On a lighter note, back in the early eighties, we auditioned bass players with this tune. We auditioned over forty and only two could play the tune properly so we took the one that was willing to travel. I've posted this before, it's a very simple line but easy to mix up the rhythm in the "A" section. Then the "B" section comes and most guys just gave up. But that was a long time ago before all the music university kids were on the scene.

            In case you wanna check the chart out it's on page 167 of The New Real Book (the legal one).

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            • senorblues
              senorblues commented
              Editing a comment
              I was playing songs like this in the sixties and seventies when soul and jazz players - and a fair number of music school guys - were filling most chairs of road bands. I've said this before, but guys raised on four-on-the-floor exclusively aren't going to get syncopation. Same with those changes and progressions.

            • 1001gear
              1001gear commented
              Editing a comment
              Pushy, antsy feeling; something I dislike about that era of performance/recording.

          • #9
            Who here has had to do it from someone that has been around for 5 or 6 years. That is what I would like to hear.
            "Danny, ci manchi a tutti. La E-Street Band non e' la stessa senza di te. Riposa in pace, fratello"

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            • daddymack
              daddymack commented
              Editing a comment
              I would never tolerate an incompetent player that long, nor a jerk, junkie or an abusive personality. I tolerated one guy for three years...finally he missed a band meeting and every one else said...'his time to go...'

          • #10
            Originally posted by Outkaster View Post
            Who here has had to do it from someone that has been around for 5 or 6 years. That is what I would like to hear.
            One of the guys I had to fire had been with the band for years (four or five) and we considered him a friend. We worked six days a week, 48 to 50 weeks a year, so we played a lot of gigs together However, he got deep into drugs, and started hanging out with with some seriously heavy people. One day I came into the dressing room to see our town's most notorious drug dealer just chilling out with said band member. Things went downhill from there and we parted ways soon after. As I said, he turned his life around, but it was a rocky road back.

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            • #11
              OK that is something else entirely. What if the rest of the band is growing and someone else isn't, he is not a trouble maker, he is a friend, and has been around for years. It really becomes more difficult. It's not something I have had to deal with before.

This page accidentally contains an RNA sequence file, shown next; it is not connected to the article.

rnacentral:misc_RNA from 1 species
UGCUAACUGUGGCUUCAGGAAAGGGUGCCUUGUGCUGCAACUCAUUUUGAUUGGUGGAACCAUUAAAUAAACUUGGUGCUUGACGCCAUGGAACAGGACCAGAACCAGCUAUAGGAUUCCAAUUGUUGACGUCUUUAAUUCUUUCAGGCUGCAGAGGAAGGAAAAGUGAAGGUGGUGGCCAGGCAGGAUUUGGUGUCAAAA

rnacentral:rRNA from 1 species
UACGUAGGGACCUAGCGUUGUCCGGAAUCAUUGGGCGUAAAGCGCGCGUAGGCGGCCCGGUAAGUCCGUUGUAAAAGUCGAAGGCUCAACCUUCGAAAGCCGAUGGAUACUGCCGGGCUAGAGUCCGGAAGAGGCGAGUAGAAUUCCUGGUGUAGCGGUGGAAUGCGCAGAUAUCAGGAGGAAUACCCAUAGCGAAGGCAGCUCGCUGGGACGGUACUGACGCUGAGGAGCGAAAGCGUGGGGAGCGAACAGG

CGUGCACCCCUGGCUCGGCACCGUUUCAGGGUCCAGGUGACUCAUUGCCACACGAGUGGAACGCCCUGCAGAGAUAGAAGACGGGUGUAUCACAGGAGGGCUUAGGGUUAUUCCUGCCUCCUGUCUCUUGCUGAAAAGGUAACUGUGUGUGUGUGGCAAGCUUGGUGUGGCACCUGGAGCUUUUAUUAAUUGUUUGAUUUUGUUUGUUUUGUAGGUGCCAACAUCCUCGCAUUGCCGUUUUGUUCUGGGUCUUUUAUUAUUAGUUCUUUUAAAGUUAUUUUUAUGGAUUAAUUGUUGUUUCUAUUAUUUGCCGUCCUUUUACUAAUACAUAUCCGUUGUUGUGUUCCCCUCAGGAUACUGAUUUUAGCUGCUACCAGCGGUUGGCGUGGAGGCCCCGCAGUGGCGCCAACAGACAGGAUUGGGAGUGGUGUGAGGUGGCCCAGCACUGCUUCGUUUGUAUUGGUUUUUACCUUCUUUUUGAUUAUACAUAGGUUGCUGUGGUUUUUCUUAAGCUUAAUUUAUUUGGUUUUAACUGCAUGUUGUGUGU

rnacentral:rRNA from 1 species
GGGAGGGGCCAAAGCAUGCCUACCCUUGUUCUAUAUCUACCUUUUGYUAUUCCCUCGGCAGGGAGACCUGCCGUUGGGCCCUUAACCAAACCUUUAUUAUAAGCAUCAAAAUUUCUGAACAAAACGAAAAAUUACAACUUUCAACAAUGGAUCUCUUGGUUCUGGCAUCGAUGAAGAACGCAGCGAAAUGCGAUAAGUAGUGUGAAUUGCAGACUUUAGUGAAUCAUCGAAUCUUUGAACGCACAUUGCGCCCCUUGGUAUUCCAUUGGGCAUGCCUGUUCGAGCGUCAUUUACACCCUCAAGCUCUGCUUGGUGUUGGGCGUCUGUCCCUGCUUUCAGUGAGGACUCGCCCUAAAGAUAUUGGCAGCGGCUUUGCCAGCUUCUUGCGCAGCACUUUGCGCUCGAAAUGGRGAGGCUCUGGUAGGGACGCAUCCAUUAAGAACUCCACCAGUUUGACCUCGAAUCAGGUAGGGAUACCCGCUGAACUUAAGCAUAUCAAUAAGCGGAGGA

Last edited by Outkaster; 06-24-2017, 08:24 AM.
              "Danny, ci manchi a tutti. La E-Street Band non e' la stessa senza di te. Riposa in pace, fratello"

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              • #12
                Originally posted by Outkaster View Post
                OK that is something else entirely. When the rest of the band is growing and someone else isn't,, not a trouble maker, he is a friend, and has been around for years it becomes more difficult.
                That's a tough one. I co-fired a guy years ago who was super nice, super smart, and just a super guy. He was also the visionary of the band. Wasn't progressing at the same pace though. Lots of bad feelings all the way around.

                This year, same deal, but it wasn't my decision. One of the band members threatened to quit if the member in question didn't go. I wasn't too far behind, so the leader cut him loose. It was a relatively short stay, but he had been friends with one fellow for years. I felt bad, but not bad enough to keep working with the chap. Life is too short!
                Last edited by Shaster; 06-24-2017, 05:32 AM.

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                • #13
                  Part of being a bandleader is booting folks that don't work out.
                  http://thekiltlifters.com

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                  • daddymack
                    daddymack commented
                    Editing a comment
                    the sad truth...it comes with the territory. You want to be the head guy, you gotta be willing to do the hard things.

                  • 1001gear
                    1001gear commented
                    Editing a comment
                    Doesn't seem as hard as if a member in good standing comes up against a superior prospect.

                • #14
                  Yeah I already do the hard things no one else will do. It's not 100% that this will happen to this individual. So saying "it comes with the territory" isn't doing me any favors. I know that.
                  "Danny, ci manchi a tutti. La E-Street Band non e' la stessa senza di te. Riposa in pace, fratello"

                  Comment


                  • #15
                    It´s just about actual situation in my band. We are not satisfied with our current drummer. We know it for months, situation get still worse, we know that we must left him out of the band but still postpone it. What are we afraid from? Maybe that we won´t find another one, so the band progress will stop.
                    Kicking band member out of a band is uncomfortable every time. But I have experiences from the past, that after bad member left the band, the better one will come. I convince about this fact my current band members and we are going to kick our drummer out at next rehearsal. Do you think, it´s better to do it as a whole band or only between four eyes?